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Zman thanks for posting your thoughts on historic districts. As the owner of one of the structures that would be directly impacted by this proposed district I must say that I could not agree more with you.

There are many concerns with this proposed district, most of which you have addressed. But the communication between the commission that will oversee the proposed district and the downtown property owners has been nonexistent.

Here's a frightening scenario that was actually given as an example to me and my neighboring property owners by 2 members of the commission: At one time there were plans to expand the Walton Arts Center to the South, with a new parking garage on city owned property that included the existing Grubs building. I think everyone could agree that this is a development that would greatly benefit the City of Fayetteville. But wait a minute.....because the Grub's building is considered a 'contributing' structure, it could not be razed, even for a major development such as the WAC expansion. Well, no problem you say, surely the City Council could address that issue if it arose and make an exception allowing for the proposed expansion. WRONG. The historic commision has complete and total authority over this decision--not just over private property, but over city property as well. Absolutely nothing our elected leaders could do if the commision decided against this development. In fact, the commission members we met with went on to boast that the ONLY structure in the proposed district that the commission would not have complete authority over was the US Post Office property and that was an issue of federal law. I'm sorry, but giving that kind of authority to a group of appointed people scares the hell out of me.

Another example is the property around the Depot buildings on Dickson. The owners of that property have tentative plans for major development on that parking area that calls for razing one of the structures behind the Depot building. Guess what? Can't happen if the historic district passes in its current form because all of the structures on that property are considered 'contributing' structures. This example also was given by 2 members of the existing commission.

Another frightening tidbit buried in the proposed bylaws of this proposed historical district: if you are not able to maintain your structure up to the arbitrary visual standards set forth by the commission then they will 'help' find a buyer for your property. How nice. Translation: if enough commissioners feel that your property is an eyesore then they have the authority to find a buyer to take your property by eminent domain, under the pretense of protecting the historical integrity of your property. Scared yet? It gets worse. I have copies of the proposed rules and regulations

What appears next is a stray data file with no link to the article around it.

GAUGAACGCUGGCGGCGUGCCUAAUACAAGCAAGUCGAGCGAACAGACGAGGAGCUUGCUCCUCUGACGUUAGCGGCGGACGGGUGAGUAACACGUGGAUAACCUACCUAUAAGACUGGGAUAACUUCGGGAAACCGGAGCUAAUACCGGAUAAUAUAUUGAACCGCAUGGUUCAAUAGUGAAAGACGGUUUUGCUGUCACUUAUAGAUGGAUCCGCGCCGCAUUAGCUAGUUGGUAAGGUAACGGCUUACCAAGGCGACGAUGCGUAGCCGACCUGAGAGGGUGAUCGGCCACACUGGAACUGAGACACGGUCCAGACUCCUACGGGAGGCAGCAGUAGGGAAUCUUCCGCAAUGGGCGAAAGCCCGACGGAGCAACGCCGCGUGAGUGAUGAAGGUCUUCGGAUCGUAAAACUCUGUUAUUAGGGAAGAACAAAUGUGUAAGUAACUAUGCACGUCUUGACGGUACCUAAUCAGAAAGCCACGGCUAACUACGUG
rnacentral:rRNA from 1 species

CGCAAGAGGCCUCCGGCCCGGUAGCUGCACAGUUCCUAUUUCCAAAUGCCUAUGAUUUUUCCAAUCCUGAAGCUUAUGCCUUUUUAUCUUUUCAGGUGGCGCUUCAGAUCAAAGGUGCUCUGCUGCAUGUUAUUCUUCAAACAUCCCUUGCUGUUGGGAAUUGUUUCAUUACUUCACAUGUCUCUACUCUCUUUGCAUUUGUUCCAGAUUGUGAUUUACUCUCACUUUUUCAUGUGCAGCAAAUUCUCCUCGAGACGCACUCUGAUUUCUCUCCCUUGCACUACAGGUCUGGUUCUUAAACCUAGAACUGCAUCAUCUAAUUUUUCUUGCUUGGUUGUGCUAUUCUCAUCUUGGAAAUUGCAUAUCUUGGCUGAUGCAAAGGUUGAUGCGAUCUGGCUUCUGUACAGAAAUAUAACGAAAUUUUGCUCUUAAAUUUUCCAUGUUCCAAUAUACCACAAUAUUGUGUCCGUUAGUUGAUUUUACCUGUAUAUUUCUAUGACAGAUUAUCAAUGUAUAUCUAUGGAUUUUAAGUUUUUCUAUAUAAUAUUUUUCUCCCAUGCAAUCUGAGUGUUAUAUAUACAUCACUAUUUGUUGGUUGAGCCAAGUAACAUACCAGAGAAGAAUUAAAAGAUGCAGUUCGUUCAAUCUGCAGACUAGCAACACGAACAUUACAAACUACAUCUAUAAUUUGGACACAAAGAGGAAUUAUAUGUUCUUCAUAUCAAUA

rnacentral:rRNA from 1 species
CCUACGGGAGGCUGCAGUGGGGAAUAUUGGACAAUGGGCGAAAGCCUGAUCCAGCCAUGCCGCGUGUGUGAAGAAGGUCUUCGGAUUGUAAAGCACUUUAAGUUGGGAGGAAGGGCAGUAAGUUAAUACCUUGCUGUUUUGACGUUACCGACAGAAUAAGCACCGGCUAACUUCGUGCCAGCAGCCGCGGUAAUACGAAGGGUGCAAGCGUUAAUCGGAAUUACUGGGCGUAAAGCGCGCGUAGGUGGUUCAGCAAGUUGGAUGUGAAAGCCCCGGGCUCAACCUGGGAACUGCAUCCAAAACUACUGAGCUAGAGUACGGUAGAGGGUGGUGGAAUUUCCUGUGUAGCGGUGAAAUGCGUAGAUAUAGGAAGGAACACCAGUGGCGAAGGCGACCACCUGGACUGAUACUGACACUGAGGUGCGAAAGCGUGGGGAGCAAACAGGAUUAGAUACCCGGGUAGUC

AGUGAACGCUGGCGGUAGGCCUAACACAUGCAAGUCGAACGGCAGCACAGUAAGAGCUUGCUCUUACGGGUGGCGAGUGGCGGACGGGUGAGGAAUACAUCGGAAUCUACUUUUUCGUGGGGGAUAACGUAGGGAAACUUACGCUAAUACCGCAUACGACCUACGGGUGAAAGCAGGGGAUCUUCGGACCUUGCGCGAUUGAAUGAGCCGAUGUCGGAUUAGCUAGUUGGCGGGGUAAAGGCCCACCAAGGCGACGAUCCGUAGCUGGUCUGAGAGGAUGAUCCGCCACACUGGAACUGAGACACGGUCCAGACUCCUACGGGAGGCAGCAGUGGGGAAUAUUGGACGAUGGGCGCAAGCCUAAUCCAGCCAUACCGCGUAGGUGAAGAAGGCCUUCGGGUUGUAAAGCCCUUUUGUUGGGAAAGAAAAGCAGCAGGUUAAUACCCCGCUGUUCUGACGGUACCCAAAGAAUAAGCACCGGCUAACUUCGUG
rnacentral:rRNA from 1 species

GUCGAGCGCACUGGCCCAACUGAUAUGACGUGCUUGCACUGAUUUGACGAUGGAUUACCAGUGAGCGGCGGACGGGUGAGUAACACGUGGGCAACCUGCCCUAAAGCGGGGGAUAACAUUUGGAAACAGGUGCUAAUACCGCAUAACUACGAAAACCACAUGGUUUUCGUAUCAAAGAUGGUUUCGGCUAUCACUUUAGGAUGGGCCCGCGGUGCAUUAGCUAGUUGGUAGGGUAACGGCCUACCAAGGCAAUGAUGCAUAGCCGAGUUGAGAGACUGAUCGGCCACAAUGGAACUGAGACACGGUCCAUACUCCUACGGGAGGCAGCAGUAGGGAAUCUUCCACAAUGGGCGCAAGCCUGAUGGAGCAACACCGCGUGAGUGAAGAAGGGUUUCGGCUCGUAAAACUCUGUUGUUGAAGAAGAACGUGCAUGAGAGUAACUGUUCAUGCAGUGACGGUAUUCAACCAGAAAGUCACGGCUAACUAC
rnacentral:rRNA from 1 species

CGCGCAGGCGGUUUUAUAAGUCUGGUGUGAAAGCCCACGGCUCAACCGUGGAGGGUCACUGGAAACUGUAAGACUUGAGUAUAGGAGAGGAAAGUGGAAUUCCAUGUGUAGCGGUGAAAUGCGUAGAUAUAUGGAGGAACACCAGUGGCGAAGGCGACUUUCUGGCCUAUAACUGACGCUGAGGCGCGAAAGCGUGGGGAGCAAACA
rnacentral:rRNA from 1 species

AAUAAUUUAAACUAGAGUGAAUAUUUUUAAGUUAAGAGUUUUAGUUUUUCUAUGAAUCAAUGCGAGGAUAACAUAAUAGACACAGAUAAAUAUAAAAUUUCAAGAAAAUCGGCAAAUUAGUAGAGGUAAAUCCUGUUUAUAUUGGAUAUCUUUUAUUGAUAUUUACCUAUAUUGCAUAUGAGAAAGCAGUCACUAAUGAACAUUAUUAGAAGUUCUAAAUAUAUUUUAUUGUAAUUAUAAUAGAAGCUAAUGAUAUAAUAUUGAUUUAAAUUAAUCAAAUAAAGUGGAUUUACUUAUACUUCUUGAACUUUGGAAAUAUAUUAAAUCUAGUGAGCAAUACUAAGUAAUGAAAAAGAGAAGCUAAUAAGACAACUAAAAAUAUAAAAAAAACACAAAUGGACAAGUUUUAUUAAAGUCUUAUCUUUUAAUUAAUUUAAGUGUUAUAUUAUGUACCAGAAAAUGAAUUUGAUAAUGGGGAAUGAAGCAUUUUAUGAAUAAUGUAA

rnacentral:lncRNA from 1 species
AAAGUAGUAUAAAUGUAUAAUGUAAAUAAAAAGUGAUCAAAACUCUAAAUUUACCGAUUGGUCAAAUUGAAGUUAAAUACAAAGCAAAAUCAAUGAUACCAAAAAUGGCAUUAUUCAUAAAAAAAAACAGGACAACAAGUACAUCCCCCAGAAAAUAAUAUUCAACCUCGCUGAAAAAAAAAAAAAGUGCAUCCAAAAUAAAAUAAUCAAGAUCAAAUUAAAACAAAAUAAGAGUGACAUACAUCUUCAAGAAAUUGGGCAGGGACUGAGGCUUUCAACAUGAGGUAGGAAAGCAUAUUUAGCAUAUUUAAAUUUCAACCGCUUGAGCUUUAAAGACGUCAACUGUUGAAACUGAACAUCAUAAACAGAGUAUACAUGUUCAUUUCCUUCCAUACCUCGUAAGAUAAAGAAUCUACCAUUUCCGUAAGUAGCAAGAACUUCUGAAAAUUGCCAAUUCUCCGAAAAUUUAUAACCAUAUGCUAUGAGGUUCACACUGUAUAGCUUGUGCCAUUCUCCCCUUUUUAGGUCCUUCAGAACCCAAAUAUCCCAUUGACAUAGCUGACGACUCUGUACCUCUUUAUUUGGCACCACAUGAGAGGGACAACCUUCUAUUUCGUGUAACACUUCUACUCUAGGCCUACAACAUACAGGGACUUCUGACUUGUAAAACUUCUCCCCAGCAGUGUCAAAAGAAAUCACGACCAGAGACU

So why would a property owner support such a district? The commissioners say it's for the tax breaks that come with the creation of such a district. Why else should I support the district, I inquired and was told 'well, that's really the big reason, but the tax benefits are substantial enough that everyone will want to be on board with the distirct'. My next natural question was this: if the tax benefits are really that substantial, then shouldn't that be enough of an incentive for property owners to preserve the historical integrity of their sturctures? Do we really need an appointed commission to regulate development? Why not create the district but make participation incentive based, rather than regulated by a group of nonelected officials? I'm still waiting for answers to those questions.

Don't kid yourselves for one minute, there are certain people who have a vested interested in seeing that this district passes as quickly and with as little public debate as possible. The surveying is complete, all contributing sturctures have been identified, the commission is already appointed, the rules and regulations are nearly finalized, all they are waiting on is city council approval. And all of this has been done during the past 2 years with no formal notification of any kind to property owners in the proposed district. Almost enough to make one suspicious. Hmmm.

Before anyone jumps on me about being against historical preservation, that couldn't be further from the truth. I have renovated, restored and maintained my structure in keeping with its historical significance and I intend to do so as long as I own the property. But I am strongly opposed to giving a group of nonelected officials the complete authority to regulate all such development in the Dickson Street area.

Edited by OnDickson
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On Dickson,